NYC Gifted and Talented Program and Testing


Admissions into the gifted and talented program

The only requirement is acing the OLSAT and NNAT-2 tests

It’s no secret that the OLSAT and NNAT-2 tests used to screen kids for admission to NYC G&T program are hard. As more and more parents decide that they want their child to receive the best education possible, more are applying their children to these advanced programs – and so the tests are getting increasingly difficult and competitive. This past January over 2,000 more pre-K students took the G&T test for kindergarten admissions with very few additional seats added. This meant over 35% of the kids who qualified for a G&T seat didn’t get a spot because there weren’t enough seats available!

Ask your little one this sample OLSAT test question: Look at the space ship in the first box. Do you see the round windows on the red part of the space ship? If the space ship carried the same number of space babies to earth as thenumber of round windows you can count, point to the box that shows how many space babies the space ship carried to earth.

As a result, it’s no longer enough just to throw your child into the testing room and hope that they pass. Even the smartest kids – if they don’t prepare – are now being outgunned by kids who might not be as inherently bright, but whose parents spend months or even years planning, meticulously, for the testing and admissions process.

A mom from Queens tells her G&T story

Well, recently I spoke to a mother (from Queens) of a very bright boy who, for a long time, thought she knew better than those of us who have been through the testing process before. I had spoken to this mom, who we’ll call Debbie, before, and explained to her how crucial it is to at least familiarize her son Jordan with the material he would face on the test. Plus, I reminded her that most children her son’s age haven’t ever been in a testing situation before, so they need to be mentally prepared for the process of sitting for half an hour or more, locked in a room with a usually stone-faced test proctor who isn’t allowed to give any feedback – positive or negative.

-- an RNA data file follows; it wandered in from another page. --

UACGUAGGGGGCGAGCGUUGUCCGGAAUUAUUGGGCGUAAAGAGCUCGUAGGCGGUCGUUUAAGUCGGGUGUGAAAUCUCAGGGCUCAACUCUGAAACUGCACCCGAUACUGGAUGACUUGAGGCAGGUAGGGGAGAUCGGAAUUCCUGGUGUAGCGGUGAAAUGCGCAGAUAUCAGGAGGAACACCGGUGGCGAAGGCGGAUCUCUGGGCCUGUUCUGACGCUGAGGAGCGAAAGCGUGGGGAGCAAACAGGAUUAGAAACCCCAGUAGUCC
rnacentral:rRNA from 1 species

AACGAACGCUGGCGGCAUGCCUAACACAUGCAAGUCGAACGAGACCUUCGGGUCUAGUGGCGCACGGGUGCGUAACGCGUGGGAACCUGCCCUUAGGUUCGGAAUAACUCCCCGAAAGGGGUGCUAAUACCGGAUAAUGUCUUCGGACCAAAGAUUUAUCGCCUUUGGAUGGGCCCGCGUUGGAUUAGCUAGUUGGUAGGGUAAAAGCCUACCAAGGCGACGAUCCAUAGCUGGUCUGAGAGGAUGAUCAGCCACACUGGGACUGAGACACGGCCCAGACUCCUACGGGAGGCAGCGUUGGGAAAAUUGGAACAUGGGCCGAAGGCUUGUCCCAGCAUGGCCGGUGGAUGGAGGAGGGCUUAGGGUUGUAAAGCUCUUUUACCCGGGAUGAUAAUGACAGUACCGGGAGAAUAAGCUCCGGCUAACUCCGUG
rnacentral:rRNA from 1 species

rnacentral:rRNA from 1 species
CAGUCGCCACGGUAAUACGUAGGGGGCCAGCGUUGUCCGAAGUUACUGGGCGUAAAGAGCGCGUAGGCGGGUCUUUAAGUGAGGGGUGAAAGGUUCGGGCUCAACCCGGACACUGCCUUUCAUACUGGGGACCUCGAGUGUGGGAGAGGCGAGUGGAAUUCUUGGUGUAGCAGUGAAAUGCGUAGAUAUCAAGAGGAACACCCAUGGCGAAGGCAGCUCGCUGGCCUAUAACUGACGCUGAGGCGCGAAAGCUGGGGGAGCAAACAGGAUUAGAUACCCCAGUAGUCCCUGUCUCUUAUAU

Debbie listened politely, but I could tell she wasn’t hearing what I was saying: she had already made up her mind, and wouldn’t be doing any prep work with her son. You know the type – right?

“Jordan is so smart,” Debbie told me more than once. “He always gets A’s on his tests in school, so why should this test be any different?”

“Besides,” Debbie told me, “I’ve always felt that these tests are meant to measure kids’ intelligence, so preparing with them is essentially ‘cheating’: either the kid is smart or he isn’t.”

Debbie kept in touch with me as OLSAT and NNAT-2 tests day drew closer, letting me know how well Jordan was doing in school and how confident she was that he would ace the test. I wished her luck and held out hope that Jordan would pass the test and make it into their local gifted program – but I knew that the odds were against him, given Debbie’s steadfast refusal to do anything to prepare him for the exam.

Sure enough, Jordan went into the test unprepared. When the OLSAT test scores came in, Jordan had done well – surprisingly well, in fact: he’d earned a score in the 95th percentile, very impressive for a child who hadn’t done any kind of preparatory work. But it wasn’t quite good enough to get Jordan into the program his mother was sure he was destined for: just to be considered for a seat at a citywide program like NEST+m or Anderson, Jordan needed to score in the 99th percentile.

Debbie was devastated. She was sure that Jordan would skate into the program, and she was convinced that “unworthy” kids had taken his spot. Disappointment turned to bitterness, and Debbie soured on the idea of ever applying Jordan to another gifted program. Her exact words: “I’m done. I’ll never let my child take another one of these OLSAT tests again.”

I knew this was a mistake as well. I told Debbie over and over: Jordan had a good shot of passing the gifted test the following year – if she took my advice and prepared him for it this time. For months, Debbie refused to budge: Jordan would never take that test again.

I refused to take no for an answer, though, since I was as convinced as Debbie that Jordan had too much potential to be stuck in a general education program. I kept on Debbie: try again next year. If you do take concrete steps to get Jordan ready, he’ll do fine.